We've had some frank and honest conversations with several private and corporate clients surrounding ongoing uncertainty around Brexit's role on overseas property. What was once a safe and sound bet - whether for personal use or investment - buying and owning property overseas has reached uncertain times, which brings risk and worry for those invested in homes on foreign soil.
The UK's departure from the EU has left many fearing they'll be left in financial and legal limbo with their property post-Brexit. Thousands of British expats are reported to have returned home amid fears of a no-deal Brexit scenario, which has already caused the pound to fall against the euro, reducing their savings.
With so much uncertainty, the media has run wild with a tug-of-war between leave / remain, which will become a milestone in British politics, too. This constant back and forth is thought to have triggered movement in Spain, with around 5,000 Brits living in Benidorm before the 2007 financial crisis - but that number fell to 2,825 last year. In the same period, nearly 5,000 left Ibiza, Majorca and Menorca.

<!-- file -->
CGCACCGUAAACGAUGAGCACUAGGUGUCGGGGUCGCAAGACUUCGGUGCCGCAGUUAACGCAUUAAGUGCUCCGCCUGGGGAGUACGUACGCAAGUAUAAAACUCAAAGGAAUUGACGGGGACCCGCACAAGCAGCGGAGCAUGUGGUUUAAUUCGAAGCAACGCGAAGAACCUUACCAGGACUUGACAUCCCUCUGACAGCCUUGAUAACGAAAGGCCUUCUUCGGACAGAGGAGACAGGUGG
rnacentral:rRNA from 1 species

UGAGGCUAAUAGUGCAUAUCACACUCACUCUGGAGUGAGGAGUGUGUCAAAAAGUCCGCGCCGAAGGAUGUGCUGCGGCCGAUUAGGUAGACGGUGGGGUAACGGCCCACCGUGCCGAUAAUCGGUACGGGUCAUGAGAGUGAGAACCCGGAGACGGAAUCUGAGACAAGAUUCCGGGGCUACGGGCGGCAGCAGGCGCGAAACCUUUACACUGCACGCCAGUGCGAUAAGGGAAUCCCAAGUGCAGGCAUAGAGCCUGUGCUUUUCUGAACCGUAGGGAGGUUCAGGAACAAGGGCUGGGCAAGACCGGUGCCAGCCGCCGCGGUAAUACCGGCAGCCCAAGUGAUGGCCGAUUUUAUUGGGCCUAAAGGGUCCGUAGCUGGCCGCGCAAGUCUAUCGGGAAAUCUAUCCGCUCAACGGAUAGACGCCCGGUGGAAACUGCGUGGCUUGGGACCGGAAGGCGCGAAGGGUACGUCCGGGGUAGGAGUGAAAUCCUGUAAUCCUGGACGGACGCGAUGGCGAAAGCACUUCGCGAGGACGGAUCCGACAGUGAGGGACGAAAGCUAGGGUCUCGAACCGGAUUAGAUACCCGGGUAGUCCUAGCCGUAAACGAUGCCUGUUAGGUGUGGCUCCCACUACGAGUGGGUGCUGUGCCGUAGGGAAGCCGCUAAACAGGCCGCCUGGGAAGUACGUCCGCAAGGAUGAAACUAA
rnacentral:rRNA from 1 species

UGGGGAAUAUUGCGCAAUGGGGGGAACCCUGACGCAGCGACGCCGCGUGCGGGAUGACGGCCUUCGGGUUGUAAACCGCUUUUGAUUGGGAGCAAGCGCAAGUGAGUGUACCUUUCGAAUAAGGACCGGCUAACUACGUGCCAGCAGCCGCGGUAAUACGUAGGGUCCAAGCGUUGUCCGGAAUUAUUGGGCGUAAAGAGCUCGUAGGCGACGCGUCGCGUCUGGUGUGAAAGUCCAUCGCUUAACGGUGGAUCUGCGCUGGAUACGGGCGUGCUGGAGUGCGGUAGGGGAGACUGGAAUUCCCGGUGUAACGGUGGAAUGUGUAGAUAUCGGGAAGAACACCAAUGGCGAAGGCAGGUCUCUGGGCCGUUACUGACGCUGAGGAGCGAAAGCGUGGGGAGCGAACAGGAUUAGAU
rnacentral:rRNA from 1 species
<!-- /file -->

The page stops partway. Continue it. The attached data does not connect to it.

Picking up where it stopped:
What does it mean?
There appears to be two main factors, which are contributing to owners' worries and reasoning for selling their properties:
Leaving the EU could see the end of tax perks when it comes to the renting or selling overseas property. EU home owners in France pay only 19pc on gains from renting or selling their properties, while non-EU home owners face a capital gains tax of up to 49pc.
However, in the event that the UK government successfully negotiates to remain part of the single market, these tax perks may well be unaffected.
Low mortgage rates in Europe, combined with cheap housing and strong UK currency have helped the recent overseas property boom. However, leaving the EU could potentially impact people looking for a new overseas mortgage (as well as increase their UK mortgage) - or at least force them to pay a much higher rate. For example, French mortgage rates rise from 20pc for EU citizens to 50pc for non-EU citizens, because those outside the EU are traditionally seen as riskier borrowers.
However, as many banks already lend between our countries, it remains to be seen whether an official Brexit leads them to consider people in the UK a higher risk.
As it stands, the uncertainty around owning overseas property will become clearer the sooner a decision is made regarding a deal or not. If a deal isn't agreed, individual nations will likely implement their own regulations and rules around tax and mortgages. Therefore, it's difficult to predict the exact outcome but it is hoped little will change and Brits can continue to enjoy the benefits of owning property overseas.